Read this article to learn about the effects of Globalisation & Liberalisation on women workers in India!
Let us now examine the effects of liberalisation and globalisation on women workers.
Women have been losing their jobs in the formal sector for a long time, much before the present policies were conceived. Employment in the formal sector has been sluggish, resulting in job losses.
However, job losses among women workers in this sector took place at a time when this sector was expanding. In the 1920s, employment of women in the three traditional industries, namely, jute, cotton textile and mines, was over 20 per cent. By the 1970s, the number of women workers in the three industries had been reduced to less than 5 per cent.
The only industry where women were employed in large numbers is the plantation industry where they form 50 per cent of the total permanent labour force, according to Tea Statistics 2006 published by the Tea Board of India, Kolkata. Their number continued to be high in plantations as women are more efficient in plucking of tea leaves.
The main observation we can make in this regard is that women faced job losses after certain laws were passed. The Factories Act not permitting women working in night shifts in factories and the Mines Act preventing women from working underground were ostensibly passed to protect women as it was believed that it would be unsafe for women to return home late at night after the shift ended and, in the case of mines, working underground was bad for their health.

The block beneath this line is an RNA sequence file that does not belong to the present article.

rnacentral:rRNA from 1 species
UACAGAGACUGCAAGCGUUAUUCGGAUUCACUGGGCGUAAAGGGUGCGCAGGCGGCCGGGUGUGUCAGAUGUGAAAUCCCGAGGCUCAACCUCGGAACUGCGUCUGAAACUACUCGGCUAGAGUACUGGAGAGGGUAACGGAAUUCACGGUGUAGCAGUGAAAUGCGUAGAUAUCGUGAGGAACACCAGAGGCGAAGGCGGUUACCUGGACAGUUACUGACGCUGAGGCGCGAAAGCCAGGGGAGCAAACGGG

Moreover factory work was projected as masculine activity and thus unfit for women. A significant fact in this whole process was that women were never asked whether they wanted to work at night, or underground. It was presumed in a patriarchal society that women needed protection.
The 1991 census data showed that women workers formed one- seventh of the formal sector workforce while they constituted one- third of the workforce in the informal sector (Davala 1993). The female workforce in the formal sector owes its weight-age to the large number of women employed in the plantation sector comprising tea, coffee and rubber as the main crops; it employs around 16 lakh permanent workers, of whom 8 lakh are women.
It should be noted that the plantation sector offers the lowest wages in the formal sector. Elsewhere, women are mainly employed as nurses, airhostesses, school teachers, receptionists and secretarial staff. Salaries in each of these categories, with the possible exception of airhostess, are, or used to be, the lowest in the industry/profession concerned. We can thus see that women in the formal sector are mostly assigned to jobs that are identified and categorised as ‘feminine’.
We have mentioned earlier that the argument for preventing women from working at night was mainly for their protection and safety. Even the ILO has a convention to this effect, and it also has a convention that states that women should not work underground. These are two of the few conventions that have been accepted by most countries.
At the same time, when it becomes necessary for women to participate in the labour force, these conventions are overlooked. This happened during WWII. Men had to fight the war and women were recruited to work in factories and mines to keep production going. At that time, the ‘safety norms’ were conveniently ignored.
In the present phase, when there is a growth in call centres and production in the small-scale sector, the issue of women working at night has resurfaced. On 29 March 2005, the Union Cabinet took a decision to amend the Factories Act 1948 so that women could work on night shifts.
The main reason that guided the cabinet’s decision was that after January 2005, the quota system for garments and textiles had been lifted by the WTO. Hence it was now possible for India to enter the international market in a big way provided the goods were cost-effective.